Why don't most real estate agents answer their phone?
Phone calls mean new business, new business means a paycheck, paychecks mean food on the table and a roof over your head, right? So why is it that so many agents don't answer their phone?
If we're not on another call or otherwise unavailable, we answer our phones during normal business hours so we can tell you exactly what makes us not want to answer our phones.
The answer is: other agents.
The top three questions we get asked every. single. time. are:
1) Is there any wiggle room on the price or are the sellers flexible on their price?
We have a fiduciary responsibility to you, and whatever your list price is, is the price you've told us you want to sell at, otherwise you'd have listed it at a lower price, right? So telling another agent they can have the property for less money than the list price violates our duty to you. Instead we tell them to have their clients make an offer and that we will (as required) present all offers to the seller.
Some agents get downright belligerent when you tell them this and will insist that you're just not giving them the "whisper price" for whatever reason. We've been cussed at, yelled at, hung up on, and called every name in the book - if their clients knew how unprofessional their agent was acting...
This isn't Million Dollar Listing New York where you need to list $10,000,000 over ask to make sure you get your asking price. Pricing in "wiggle room" only prices you out of the market and will reduce or stop all showings. This adds up to increased time on market, which leads to more bottom-feeding buyers calling and asking how flexible you are. Price your listing at your sell price and stick to that price. If you're not getting any showings or offers it's not because the market is soft, it's because your property is incorrectly priced.
2) Are there any offers on the property yet?
Lazy agents like to ask this for two reasons - 1) if there are offers they don't want to bother writing an offer because they feel like it would be a waste of time and 2) if there are no offers it means they can come in with a lowball offer or a very weak offer knowing you have nothing else on the table which strengthens their negotiating position.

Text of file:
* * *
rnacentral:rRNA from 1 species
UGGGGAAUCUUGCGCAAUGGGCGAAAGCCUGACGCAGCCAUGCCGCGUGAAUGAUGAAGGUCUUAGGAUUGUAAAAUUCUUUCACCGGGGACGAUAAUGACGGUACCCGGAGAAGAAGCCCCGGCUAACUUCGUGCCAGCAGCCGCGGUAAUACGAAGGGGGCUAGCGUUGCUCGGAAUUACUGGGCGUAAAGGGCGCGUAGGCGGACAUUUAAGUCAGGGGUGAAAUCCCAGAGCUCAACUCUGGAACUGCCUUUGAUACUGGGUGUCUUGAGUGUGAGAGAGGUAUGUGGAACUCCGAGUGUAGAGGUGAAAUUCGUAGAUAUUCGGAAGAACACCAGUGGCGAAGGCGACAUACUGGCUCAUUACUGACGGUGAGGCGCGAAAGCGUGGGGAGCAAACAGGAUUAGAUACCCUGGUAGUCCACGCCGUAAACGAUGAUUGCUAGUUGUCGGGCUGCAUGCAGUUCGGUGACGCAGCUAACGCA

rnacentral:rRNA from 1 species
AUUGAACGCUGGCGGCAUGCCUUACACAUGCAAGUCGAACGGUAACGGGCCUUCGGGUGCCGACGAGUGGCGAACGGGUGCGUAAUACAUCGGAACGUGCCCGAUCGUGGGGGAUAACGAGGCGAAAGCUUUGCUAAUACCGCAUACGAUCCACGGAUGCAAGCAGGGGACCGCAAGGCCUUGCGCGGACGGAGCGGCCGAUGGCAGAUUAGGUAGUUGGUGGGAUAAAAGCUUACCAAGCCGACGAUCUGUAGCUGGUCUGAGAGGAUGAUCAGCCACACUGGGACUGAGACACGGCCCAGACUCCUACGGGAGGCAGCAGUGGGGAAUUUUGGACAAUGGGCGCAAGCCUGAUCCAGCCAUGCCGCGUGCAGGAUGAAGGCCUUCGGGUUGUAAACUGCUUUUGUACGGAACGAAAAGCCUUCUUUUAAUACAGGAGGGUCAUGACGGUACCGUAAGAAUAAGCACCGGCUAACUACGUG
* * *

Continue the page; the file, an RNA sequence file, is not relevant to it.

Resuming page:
In either case we tell them we can't disclose whether or not there are any pending offers and if their clients are interested they should make an offer and (as required) we present all offers to the seller.
3) There isn't a 3rd question. Agents will ask a random question about the property only to break the ice so they can ask question #1 or question #2.
We always tell agents if they have specific questions about the property that aren't covered in the MLS listing, the Seller's Disclosures, or the mountain of other docs they seller has already spent hours filling out that are mostly posted to the listing, that the agent can simply email the question in, we'll forward it to the seller, and we'll get right back with them. If it's material to their offer they're going to want the response in writing anyway.
There are other legitimate questions that come up from time to time but even a minimally seasoned agent (meaning an agent that has done more than one or two deals) can very easily submit an offer that gets around these questions. The written offer gets them on the playing field to see if there's a possibility of a deal. Once the offer has been made, issues like which title company to use, or finding out if a seller has a survey available or not can be haggled over and sorted out before both parties sign. Negotiations over an offer can sometimes take 2-3 weeks to finalize and this often means dates and values have to be adjusted as the calendar days roll by.
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